At this point, defense counsel objected, arguing that the questioning tainted the jury by creating the erroneous impression that defense attorneys in certain cases have to proceed to trial even though they believe that their clients are guilty. The prosecutor disputed this, but indicated that she would be happy to continue voir dire at side bar, unless defense counsel agreed to stipulate to excuse juror Ahearn for cause. Defense counsel agreed to the stipulation, but also moved for a mistrial. The district court denied the motion for mistrial. Defense counsel rejected an offer by the court to give a curative instruction to the remaining prospective jurors because he believed that such an instruction would only exacerbate the misconceptions already created.
On appeal, Steele argues that the district court abused its discretion in refusing to grant the motion for mistrial because: (1) the prosecutor engaged in misconduct when she created the misconception that defense counsel would defend clearly guilty defendants, and (2) the voir dire of Ahearn tainted the whole jury pool by communicating this misconception.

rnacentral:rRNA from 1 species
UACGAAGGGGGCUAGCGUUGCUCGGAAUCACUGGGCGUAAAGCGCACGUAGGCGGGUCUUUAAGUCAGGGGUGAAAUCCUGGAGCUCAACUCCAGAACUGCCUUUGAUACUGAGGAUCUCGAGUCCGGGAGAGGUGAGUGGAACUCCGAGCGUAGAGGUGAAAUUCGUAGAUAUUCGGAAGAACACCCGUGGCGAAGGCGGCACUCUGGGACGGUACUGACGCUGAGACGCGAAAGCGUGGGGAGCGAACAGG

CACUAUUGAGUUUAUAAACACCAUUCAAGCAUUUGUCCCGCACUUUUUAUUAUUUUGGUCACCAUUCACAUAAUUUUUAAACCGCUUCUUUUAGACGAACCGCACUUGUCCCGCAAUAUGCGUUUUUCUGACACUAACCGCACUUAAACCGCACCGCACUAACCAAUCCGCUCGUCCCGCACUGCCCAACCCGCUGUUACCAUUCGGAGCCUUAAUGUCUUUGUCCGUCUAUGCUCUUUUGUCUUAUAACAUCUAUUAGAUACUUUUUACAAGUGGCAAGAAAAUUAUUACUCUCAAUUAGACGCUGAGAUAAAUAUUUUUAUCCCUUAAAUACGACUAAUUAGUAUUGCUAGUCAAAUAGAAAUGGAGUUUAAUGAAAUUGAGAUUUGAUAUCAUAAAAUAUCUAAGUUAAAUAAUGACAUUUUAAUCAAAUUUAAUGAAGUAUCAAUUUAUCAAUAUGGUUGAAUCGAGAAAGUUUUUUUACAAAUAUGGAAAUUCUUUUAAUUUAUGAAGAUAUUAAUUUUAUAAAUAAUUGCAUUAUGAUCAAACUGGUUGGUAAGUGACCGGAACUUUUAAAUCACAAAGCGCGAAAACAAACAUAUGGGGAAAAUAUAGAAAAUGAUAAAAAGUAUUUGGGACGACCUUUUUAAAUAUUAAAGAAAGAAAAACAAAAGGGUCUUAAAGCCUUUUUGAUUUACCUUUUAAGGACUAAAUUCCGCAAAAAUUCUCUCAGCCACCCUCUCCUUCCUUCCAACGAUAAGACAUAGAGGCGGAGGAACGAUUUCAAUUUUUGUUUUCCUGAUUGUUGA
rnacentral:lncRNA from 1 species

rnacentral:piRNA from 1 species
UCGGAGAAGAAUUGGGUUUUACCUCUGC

The fundamental purpose of voir dire is to "ferret out prejudices in the venire" and "to remove partial jurors." United States v. Howell, 231 F.3d 615, 627-28 (9th Cir. 2000). Here, the prosecutor was entitled to question Ahearn on whether his work as a public defender would bias him against the prosecution. The prosecutor's questions in the present case may not have been the best way to elicit signs of bias, but the circumstances do not support the conclusion that there was prosecutorial misconduct. First, the question did not improperly comment on Steele's defense counsel; the prosecutor's question did not have the effect, reasonably viewed, of comparing Ahearn's experience with the experience of Steele's counsel. Second, the questioning stopped immediately after defense counsel objected, and was never referred to by either party during voir dire or at trial. Finally, there is no indication that the prosecutor intentionally sought to create the impression that "all defense counsel in criminal cases are retained solely to lie and distort the facts and camouflage the truth in an abominable attempt to confuse the jury as to their client's involvement with the alleged crimes." Bruno v. Rushen, 721 F.2d 1193, 1194 (9th Cir. 1983). Thus, the district court did not abuse its discretion in denying Steele's motion for a mistrial based upon the voir dire of Ahearn.